12. ^ a b McKay, Lesley (14 January 2019). "January 14, 1990 - last train blows through Stittsville". Stittsville Central - Local News, Events and Business. Retrieved 12 November 2022.
  13. ^ "1870 Great Fire |". Retrieved 26 November 2022.
  14. ^ "FAQ". Retrieved 26 November 2022.
  15. ^ a b "Report Template". Retrieved 22 November 2022.
  16. ^ a b Ottawa City and counties of Carleton and Russell Directory, 1866-7
  17. ^ Pritchard, Trevor (21 May 2021). "Take a stroll through the streets of Stittsville".
  18. ^ "1870 Great Fire |". Retrieved 26 November 2022.
  19. ^ a b "1870 Great Fire |". Retrieved 26 November 2022.
  20. ^ "Stittsville and Area". Goulbourn Historical Society. Archived from the original on 27 July 2007.
  21. ^ Jenkins, Phil (9 July 2012). "A pedestrian drive through Stittsville's history". Ottawa Citizen. Archived from the original on 12 November 2022. Retrieved 19 July 2023 – via PressReader.
  22. ^ a b "Stittsville Railway Heritage |". Retrieved 12 November 2022.
  23. ^ "Ottawa Carleton Trailway - Trans Canada Section | Ontario Trails Council". Retrieved 20 November 2022.
  24. ^ "Trans Canada Trail | Sentier Transcanadien". Retrieved 20 November 2022.
  25. ^ McKay, Lesley. (2013). "Issue #2 - 2013". Goulbourn Township Historical Society. p. 5.
  26. ^ "Councillor says amalgamated Ottawa should split up". 13 February 2009. Retrieved 20 November 2022.
  27. ^ Clerk, Office of the City (16 June 2022). "Symbols of Ottawa". Retrieved 22 November 2022.
  28. ^ "About Us |". Retrieved 22 November 2022.
  29. ^ Singer, Zev; Hurley, Meghan (10 September 2013). "Fire destroys historic Stittsville building". Ottawa Citizen. Archived from the original on 27 November 2022. Retrieved 19 July 2023 – via PressReader.
  30. ^ McKay, Lesley (22 September 2021). "Restoration continues at the Bradley-Craig farm with preservation of the farmhouse". Stittsville Central - Local News, Events and Business. Retrieved 22 November 2022.
  31. ^ "The Ontario Heritage Trust". Ontario Heritage Trust. Retrieved 22 November 2022.
  32. ^ a b Harris, Julie (19 November 2020). "Cultural Heritage Impact Statement, The Station, 1518-1526 Stittsville Main Street Ottawa, ON" (PDF). Content Works Inc. pp. 7–8. Retrieved 22 November 2022.
  33. ^ a b Gower, Glen (22 June 2016). "Historic Green's Hotel on Stittsville Main for sale at $1.4-million". Stittsville Central - Local News, Events and Business. Retrieved 22 November 2022.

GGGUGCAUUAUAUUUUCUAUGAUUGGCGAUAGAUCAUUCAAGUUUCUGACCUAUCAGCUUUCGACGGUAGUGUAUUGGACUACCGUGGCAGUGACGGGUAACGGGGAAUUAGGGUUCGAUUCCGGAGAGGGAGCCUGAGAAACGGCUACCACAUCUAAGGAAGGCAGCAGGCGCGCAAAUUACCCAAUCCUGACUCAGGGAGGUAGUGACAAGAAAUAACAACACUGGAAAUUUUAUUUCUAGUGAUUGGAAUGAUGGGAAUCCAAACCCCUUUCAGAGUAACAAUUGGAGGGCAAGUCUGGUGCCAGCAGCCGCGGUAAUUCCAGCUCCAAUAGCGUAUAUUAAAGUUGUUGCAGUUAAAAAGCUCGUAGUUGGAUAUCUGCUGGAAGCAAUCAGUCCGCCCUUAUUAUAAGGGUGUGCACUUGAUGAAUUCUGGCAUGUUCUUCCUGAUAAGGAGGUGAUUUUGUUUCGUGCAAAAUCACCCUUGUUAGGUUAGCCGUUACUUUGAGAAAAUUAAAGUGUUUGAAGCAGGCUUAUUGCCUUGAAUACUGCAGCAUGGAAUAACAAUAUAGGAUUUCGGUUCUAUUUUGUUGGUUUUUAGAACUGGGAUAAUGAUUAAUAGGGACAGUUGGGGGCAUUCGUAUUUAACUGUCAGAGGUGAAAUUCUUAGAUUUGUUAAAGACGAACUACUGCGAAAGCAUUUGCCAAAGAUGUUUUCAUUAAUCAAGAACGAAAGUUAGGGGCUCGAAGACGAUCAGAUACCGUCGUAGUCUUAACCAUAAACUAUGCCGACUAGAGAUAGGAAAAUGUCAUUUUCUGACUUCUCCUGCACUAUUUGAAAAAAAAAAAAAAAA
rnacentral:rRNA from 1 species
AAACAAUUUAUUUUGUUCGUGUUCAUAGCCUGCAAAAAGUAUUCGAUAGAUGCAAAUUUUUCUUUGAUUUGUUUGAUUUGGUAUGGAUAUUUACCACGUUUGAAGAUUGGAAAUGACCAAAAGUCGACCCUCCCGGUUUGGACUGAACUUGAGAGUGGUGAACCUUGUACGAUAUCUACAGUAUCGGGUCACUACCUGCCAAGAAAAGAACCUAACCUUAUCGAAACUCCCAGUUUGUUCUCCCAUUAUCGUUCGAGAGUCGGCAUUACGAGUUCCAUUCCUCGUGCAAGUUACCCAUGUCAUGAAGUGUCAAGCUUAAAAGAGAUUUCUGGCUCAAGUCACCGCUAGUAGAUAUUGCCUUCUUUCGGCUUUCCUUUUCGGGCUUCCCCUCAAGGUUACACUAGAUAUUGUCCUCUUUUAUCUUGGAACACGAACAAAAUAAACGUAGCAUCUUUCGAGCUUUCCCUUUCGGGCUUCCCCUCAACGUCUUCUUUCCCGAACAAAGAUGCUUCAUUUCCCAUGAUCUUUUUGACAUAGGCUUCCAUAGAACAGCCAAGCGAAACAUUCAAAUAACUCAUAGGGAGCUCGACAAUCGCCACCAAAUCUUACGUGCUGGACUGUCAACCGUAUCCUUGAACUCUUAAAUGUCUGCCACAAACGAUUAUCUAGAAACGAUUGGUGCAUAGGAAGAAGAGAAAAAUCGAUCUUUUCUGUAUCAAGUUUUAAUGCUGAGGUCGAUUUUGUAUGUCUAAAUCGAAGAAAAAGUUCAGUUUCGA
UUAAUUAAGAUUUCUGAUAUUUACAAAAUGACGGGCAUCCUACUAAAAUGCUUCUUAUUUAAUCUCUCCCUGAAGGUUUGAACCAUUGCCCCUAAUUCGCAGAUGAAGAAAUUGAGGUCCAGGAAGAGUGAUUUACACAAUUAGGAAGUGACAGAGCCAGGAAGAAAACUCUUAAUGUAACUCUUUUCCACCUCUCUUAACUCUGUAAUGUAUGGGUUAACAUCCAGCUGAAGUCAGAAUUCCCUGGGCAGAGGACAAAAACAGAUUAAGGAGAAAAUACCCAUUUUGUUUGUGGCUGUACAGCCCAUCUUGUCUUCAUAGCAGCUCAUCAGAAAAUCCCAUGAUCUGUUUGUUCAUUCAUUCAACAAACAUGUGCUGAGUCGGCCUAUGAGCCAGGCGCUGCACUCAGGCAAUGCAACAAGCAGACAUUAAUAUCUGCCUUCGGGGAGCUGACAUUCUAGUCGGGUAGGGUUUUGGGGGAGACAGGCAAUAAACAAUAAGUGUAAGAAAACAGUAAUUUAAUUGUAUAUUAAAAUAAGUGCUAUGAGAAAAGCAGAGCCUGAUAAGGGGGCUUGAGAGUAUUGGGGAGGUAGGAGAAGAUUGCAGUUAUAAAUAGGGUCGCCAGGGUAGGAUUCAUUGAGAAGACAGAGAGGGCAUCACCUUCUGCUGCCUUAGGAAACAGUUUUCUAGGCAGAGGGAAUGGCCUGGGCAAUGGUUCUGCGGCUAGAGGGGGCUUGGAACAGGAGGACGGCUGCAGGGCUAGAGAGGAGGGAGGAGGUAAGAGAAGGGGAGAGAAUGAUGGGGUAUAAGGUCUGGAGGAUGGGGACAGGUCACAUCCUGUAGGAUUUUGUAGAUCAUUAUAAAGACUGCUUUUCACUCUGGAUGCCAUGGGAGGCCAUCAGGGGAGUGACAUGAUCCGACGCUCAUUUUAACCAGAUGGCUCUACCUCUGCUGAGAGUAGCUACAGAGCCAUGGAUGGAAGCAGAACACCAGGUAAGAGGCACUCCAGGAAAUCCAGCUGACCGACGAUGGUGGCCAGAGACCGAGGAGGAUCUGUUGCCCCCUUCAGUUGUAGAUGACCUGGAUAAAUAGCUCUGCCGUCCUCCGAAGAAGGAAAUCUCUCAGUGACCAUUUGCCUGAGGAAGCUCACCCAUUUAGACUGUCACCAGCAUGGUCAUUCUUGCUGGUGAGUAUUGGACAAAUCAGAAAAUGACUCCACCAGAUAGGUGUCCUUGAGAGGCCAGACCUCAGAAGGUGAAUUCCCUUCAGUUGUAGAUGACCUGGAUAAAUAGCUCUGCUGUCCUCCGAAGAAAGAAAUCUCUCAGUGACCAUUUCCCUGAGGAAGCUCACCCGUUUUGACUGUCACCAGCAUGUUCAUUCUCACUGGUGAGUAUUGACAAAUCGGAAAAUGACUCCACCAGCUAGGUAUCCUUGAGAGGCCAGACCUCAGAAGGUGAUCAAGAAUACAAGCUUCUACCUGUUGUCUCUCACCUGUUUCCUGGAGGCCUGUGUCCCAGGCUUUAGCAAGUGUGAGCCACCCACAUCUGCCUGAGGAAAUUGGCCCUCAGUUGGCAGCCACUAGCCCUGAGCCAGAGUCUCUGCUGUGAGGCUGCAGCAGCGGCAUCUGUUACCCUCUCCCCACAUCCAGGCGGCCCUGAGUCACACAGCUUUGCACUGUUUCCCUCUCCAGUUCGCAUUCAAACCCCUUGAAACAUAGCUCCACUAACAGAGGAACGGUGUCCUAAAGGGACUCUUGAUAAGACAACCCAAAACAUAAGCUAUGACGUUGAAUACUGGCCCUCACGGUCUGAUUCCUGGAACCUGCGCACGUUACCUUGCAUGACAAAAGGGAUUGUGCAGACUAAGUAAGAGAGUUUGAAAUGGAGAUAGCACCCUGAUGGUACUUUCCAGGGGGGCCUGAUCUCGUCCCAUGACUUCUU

34. ^ "The Goulbourn News" (PDF). Goulbourn Township Historical Society. 1999 (10): 5. December 1999.
  35. ^ Gower, Glen (24 February 2017). "Former Louisiannie's land up for sale at $925,000". Stittsville Central - Local News, Events and Business. Retrieved 27 November 2022.
  36. ^ "Stittsville United Church | History". Retrieved 12 November 2022.
  37. ^ Community Newspaper Snapshot 2015[dead link]
  38. ^ Postmedia to close community papers
  39. ^ "The Bobby Gimby Story (TV Movie 1988) - IMDb". IMDb.
  40. ^ "Stittsville On Patrol: Local Twitter hero teams up with Ottawa director for new TV comedy". ottawacitizen. Retrieved 11 May 2021.
  41. ^ Knoops, Lillian (26 March 2021). "Stittsville on Patrol: The patrol will continue with season 2". Stittsville Central - Local News, Events and Business. Retrieved 11 May 2021.
  42. ^ "Stittsville on Patrol renewed for second season". Ottawa Magazine. 15 April 2021. Retrieved 11 May 2021.
  43. ^ "Stittsville090116 by Metroland East - Stittsville News - Issuu". September 2016. Retrieved 26 November 2022.
  44. ^ Ottawa Citizen, August 6, 1986, pg B3
  45. ^ Ottawa Citizen, May 26, 1979, pg 13
  46. ^ Ottawa Citizen, April 10, 1994, pg B7
  47. ^ Ottawa Citizen, August 30, 2014, pg A5
  48. ^ Ottawa Citizen, May 29, 1990, pg H2
  49. ^ Ottawa Citizen, March 24, 2012, pg I11
  50. ^ Ottawa Citizen, June 25, 2011, pg G2
  51. ^ Ottawa Citizen, July 29, 1995, pg I1
  52. ^ Ottawa Citizen, November 21, 1993 pg A11
  53. ^ Ottawa Citizen, July 20, 2002 pg I2
  54. ^ Ottawa Citizen, June 14, 2009 pg I13
  55. ^ "Old Stittsville". Geographical Names Data Base. Natural Resources Canada.
  56. ^ Ottawa Citizen, September 27, 2014, pg G1
  57. ^ Ottawa Citizen, September 21, 2002, pg I7
  58. ^ Ottawa Citizen, October 10, 2018, pg A7
  59. ^ Ottawa Citizen, April 22, 1997, pg I1
  60. ^ Ottawa Citizen, December 7, 2002, pg I8
  61. ^ Ottawa Citizen, July 18, 1992, pg I3

External links[edit]

45°15.5′N 75°55.5′W / 45.2583°N 75.9250°W / 45.2583; -75.9250